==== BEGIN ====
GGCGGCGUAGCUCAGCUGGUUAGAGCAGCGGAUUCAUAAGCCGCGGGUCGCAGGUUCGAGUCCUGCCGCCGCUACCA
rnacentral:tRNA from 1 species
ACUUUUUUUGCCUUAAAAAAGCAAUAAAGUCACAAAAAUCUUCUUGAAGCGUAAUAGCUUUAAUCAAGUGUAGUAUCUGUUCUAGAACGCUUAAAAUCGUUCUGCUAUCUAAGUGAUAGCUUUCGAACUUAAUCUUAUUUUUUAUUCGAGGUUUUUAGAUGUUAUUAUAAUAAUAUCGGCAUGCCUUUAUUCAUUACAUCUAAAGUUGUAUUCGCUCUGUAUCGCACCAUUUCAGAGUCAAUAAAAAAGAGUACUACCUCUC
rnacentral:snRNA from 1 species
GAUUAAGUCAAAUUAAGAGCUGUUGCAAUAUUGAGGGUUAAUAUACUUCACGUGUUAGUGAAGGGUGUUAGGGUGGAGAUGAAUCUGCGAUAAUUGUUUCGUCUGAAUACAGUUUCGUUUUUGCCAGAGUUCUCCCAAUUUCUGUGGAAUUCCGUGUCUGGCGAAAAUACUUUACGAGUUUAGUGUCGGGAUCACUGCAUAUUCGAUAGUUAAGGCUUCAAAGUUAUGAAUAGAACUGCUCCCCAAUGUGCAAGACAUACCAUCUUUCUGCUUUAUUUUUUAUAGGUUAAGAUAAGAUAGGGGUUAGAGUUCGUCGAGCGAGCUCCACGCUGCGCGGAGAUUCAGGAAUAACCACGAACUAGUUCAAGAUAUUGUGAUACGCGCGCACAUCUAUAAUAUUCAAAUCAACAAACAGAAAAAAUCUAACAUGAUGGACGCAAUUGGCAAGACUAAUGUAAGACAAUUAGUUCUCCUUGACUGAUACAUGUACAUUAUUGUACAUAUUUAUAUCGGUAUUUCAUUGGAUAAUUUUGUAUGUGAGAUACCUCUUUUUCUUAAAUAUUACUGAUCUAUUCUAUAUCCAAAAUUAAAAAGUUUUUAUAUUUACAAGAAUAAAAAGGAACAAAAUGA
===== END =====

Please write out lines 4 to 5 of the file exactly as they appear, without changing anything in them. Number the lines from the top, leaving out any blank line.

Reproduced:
rnacentral:snRNA from 1 species
GAUUAAGUCAAAUUAAGAGCUGUUGCAAUAUUGAGGGUUAAUAUACUUCACGUGUUAGUGAAGGGUGUUAGGGUGGAGAUGAAUCUGCGAUAAUUGUUUCGUCUGAAUACAGUUUCGUUUUUGCCAGAGUUCUCCCAAUUUCUGUGGAAUUCCGUGUCUGGCGAAAAUACUUUACGAGUUUAGUGUCGGGAUCACUGCAUAUUCGAUAGUUAAGGCUUCAAAGUUAUGAAUAGAACUGCUCCCCAAUGUGCAAGACAUACCAUCUUUCUGCUUUAUUUUUUAUAGGUUAAGAUAAGAUAGGGGUUAGAGUUCGUCGAGCGAGCUCCACGCUGCGCGGAGAUUCAGGAAUAACCACGAACUAGUUCAAGAUAUUGUGAUACGCGCGCACAUCUAUAAUAUUCAAAUCAACAAACAGAAAAAAUCUAACAUGAUGGACGCAAUUGGCAAGACUAAUGUAAGACAAUUAGUUCUCCUUGACUGAUACAUGUACAUUAUUGUACAUAUUUAUAUCGGUAUUUCAUUGGAUAAUUUUGUAUGUGAGAUACCUCUUUUUCUUAAAUAUUACUGAUCUAUUCUAUAUCCAAAAUUAAAAAGUUUUUAUAUUUACAAGAAUAAAAAGGAACAAAAUGA